As a photo editor I am constantly looking for new sources of imagery to help illustrate our books.
One of the more interesting developments in image research is the advent of public and private institutions opening up online some of their art collections under such terms as public domain, open content, or open access. High resolution digital images are being made available without restrictions and they may be used for any purpose. You do have to read the fine print as you will occasionally find disclaimers stating “this image may be subject to third party rights including rights of privacy and publicity, under applicable law.”
Why are museums, private collections, and government institutions opening up their collections in this manner? There are a growing number of institutions wanting to make information and images more readily available for scholars, publishers, entrepreneurs, art lovers, innovation, education, and research. The policies are meant to help people understand what inspires great works of art.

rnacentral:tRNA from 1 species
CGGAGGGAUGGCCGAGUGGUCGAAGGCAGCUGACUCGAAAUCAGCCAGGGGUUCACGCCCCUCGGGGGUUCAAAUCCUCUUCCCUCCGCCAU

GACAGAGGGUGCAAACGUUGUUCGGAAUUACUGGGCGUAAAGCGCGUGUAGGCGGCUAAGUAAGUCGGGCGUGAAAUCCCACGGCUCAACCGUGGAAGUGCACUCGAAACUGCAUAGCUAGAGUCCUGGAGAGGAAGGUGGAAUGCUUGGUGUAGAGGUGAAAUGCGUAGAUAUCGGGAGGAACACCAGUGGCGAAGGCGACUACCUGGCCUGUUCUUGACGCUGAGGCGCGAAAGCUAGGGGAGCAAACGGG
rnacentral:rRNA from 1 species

In applying public domain policies in a global digital environment, the institutions will surely expand their scholarly and education outreach. I am slightly biased about this but I think it’s a win-win for everyone, and I am sure we will see many more institutions following this approach. It’s going to be fun to see how it all shakes out.
(I do need to state the Library of Congress and the National Archives have long been leaders in the area of public domain information and imagery.)
Below are few examples of public domain, open content, or open access images from various institutions that I have been looking at lately.
Credit: Gift of Mrs. Robert Homans Accession No.1954.7.2/National Gallery of Art
Title: Abigail Smith Adams (Mrs. John Adams)
Artist: Gilbert Stuart 1755- 1828
Medium: oil on canvas